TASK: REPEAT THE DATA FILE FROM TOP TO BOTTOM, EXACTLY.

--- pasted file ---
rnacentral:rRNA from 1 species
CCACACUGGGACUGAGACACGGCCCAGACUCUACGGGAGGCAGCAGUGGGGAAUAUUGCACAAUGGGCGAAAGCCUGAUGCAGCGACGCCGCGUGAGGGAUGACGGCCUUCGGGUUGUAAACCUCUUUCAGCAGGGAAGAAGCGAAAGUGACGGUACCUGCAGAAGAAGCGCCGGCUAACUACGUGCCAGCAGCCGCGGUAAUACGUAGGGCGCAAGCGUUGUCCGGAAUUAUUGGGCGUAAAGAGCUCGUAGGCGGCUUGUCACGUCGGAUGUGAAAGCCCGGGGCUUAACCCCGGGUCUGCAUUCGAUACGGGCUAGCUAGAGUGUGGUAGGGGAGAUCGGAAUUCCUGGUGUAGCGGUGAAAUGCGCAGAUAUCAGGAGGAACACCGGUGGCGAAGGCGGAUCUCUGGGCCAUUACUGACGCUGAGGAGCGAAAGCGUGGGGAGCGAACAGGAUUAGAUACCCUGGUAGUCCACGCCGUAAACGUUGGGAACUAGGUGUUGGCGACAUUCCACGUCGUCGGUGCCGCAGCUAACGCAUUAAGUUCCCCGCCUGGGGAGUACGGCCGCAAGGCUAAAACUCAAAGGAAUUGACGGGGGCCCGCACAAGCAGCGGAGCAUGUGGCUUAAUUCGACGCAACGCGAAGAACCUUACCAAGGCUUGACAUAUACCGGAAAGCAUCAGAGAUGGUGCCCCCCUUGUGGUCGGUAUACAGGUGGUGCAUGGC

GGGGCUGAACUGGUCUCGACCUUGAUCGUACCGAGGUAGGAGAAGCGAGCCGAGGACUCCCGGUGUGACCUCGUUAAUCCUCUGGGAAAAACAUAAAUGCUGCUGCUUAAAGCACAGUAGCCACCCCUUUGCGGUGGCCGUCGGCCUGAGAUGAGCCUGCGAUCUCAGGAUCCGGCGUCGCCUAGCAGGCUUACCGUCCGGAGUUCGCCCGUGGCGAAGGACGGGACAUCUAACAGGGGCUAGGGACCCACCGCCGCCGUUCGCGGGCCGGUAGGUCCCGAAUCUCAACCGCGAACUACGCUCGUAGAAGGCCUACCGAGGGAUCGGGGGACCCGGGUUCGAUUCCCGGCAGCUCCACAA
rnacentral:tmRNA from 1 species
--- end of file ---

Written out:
rnacentral:rRNA from 1 species
CCACACUGGGACUGAGACACGGCCCAGACUCUACGGGAGGCAGCAGUGGGGAAUAUUGCACAAUGGGCGAAAGCCUGAUGCAGCGACGCCGCGUGAGGGAUGACGGCCUUCGGGUUGUAAACCUCUUUCAGCAGGGAAGAAGCGAAAGUGACGGUACCUGCAGAAGAAGCGCCGGCUAACUACGUGCCAGCAGCCGCGGUAAUACGUAGGGCGCAAGCGUUGUCCGGAAUUAUUGGGCGUAAAGAGCUCGUAGGCGGCUUGUCACGUCGGAUGUGAAAGCCCGGGGCUUAACCCCGGGUCUGCAUUCGAUACGGGCUAGCUAGAGUGUGGUAGGGGAGAUCGGAAUUCCUGGUGUAGCGGUGAAAUGCGCAGAUAUCAGGAGGAACACCGGUGGCGAAGGCGGAUCUCUGGGCCAUUACUGACGCUGAGGAGCGAAAGCGUGGGGAGCGAACAGGAUUAGAUACCCUGGUAGUCCACGCCGUAAACGUUGGGAACUAGGUGUUGGCGACAUUCCACGUCGUCGGUGCCGCAGCUAACGCAUUAAGUUCCCCGCCUGGGGAGUACGGCCGCAAGGCUAAAACUCAAAGGAAUUGACGGGGGCCCGCACAAGCAGCGGAGCAUGUGGCUUAAUUCGACGCAACGCGAAGAACCUUACCAAGGCUUGACAUAUACCGGAAAGCAUCAGAGAUGGUGCCCCCCUUGUGGUCGGUAUACAGGUGGUGCAUGGC

GGGGCUGAACUGGUCUCGACCUUGAUCGUACCGAGGUAGGAGAAGCGAGCCGAGGACUCCCGGUGUGACCUCGUUAAUCCUCUGGGAAAAACAUAAAUGCUGCUGCUUAAAGCACAGUAGCCACCCCUUUGCGGUGGCCGUCGGCCUGAGAUGAGCCUGCGAUCUCAGGAUCCGGCGUCGCCUAGCAGGCUUACCGUCCGGAGUUCGCCCGUGGCGAAGGACGGGACAUCUAACAGGGGCUAGGGACCCACCGCCGCCGUUCGCGGGCCGGUAGGUCCCGAAUCUCAACCGCGAACUACGCUCGUAGAAGGCCUACCGAGGGAUCGGGGGACCCGGGUUCGAUUCCCGGCAGCUCCACAA
rnacentral:tmRNA from 1 species